Michael Pollan’s most recent book, In Defense of Food (based on his article Unhappy Meals), provides a simple answer to the question what to eat to maximize our health: “Eat food. Not too much. Mostly plants“. Pollan’s clarification of his simple answer –which makes up his book, indicates that eating for optimal health has become complicated partly due to the deep web of connections between the food industry, marketing and the food politics of our times. Pollan’s proposes a set of rules of thumb that help readers clarify what is considered food, what food to eat and also how to eat it. As the author acknowledges, the existence of his book is a testament to our confusion about eating.
Figuring out what to eat for optimal health is not a new concern. From the perspective of Yoga, the oldest classical surviving text on Hatha Yoga, the Hatha Yoga Pradipika (15th century CE) indicates in chapter 1, verses 59 through 65, the foods that Yogis should avoid, the foods that are beneficial and the appropriate amount of food to eat. When looking at some of the numerous online resources about Yoga, it does not seem that any of these resources refer back to the Hatha Yoga Pradipika regarding food and diet. This is understandable, partly because of differences due to time and geographic location, and partly because there are certain practices advocated by the ancient treatise (although not necessarily the ones related to food) that seem rather extreme and perhaps inappropriate. In general, contemporary resources note that the Yogic diet is a vegetarian diet. However, when you read a definition of vegetarianism a number of labels emerges: ovo-vegetarian, lacto-vegetarian, lacto-ovo-vegetarian, veganism, fruitarianism, raw veganism. Moreover, the food section of the Yoga Journal includes articles about vegetarianism, veganism, raw food, and also advise on being a caring carnivore.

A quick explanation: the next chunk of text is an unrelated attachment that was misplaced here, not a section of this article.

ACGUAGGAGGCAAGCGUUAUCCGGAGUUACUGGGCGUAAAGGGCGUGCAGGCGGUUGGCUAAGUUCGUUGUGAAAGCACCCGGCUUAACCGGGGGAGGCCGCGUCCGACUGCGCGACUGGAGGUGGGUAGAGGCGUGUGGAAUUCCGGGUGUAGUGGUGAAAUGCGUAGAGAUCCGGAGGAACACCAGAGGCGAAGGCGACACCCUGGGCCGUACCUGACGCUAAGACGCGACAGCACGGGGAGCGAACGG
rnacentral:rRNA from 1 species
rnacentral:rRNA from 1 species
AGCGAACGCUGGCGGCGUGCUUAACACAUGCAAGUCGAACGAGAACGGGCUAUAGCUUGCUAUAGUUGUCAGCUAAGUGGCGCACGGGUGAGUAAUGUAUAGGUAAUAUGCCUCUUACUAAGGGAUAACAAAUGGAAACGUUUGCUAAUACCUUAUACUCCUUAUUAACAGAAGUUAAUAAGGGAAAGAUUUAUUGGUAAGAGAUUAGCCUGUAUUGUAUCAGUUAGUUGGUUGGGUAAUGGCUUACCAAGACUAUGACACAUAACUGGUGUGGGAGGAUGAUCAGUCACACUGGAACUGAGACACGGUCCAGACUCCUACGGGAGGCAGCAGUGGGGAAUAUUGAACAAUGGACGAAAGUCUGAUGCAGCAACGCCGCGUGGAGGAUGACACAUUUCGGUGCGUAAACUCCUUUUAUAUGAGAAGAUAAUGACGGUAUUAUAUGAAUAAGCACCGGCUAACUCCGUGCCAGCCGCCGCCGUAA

Labels and Questions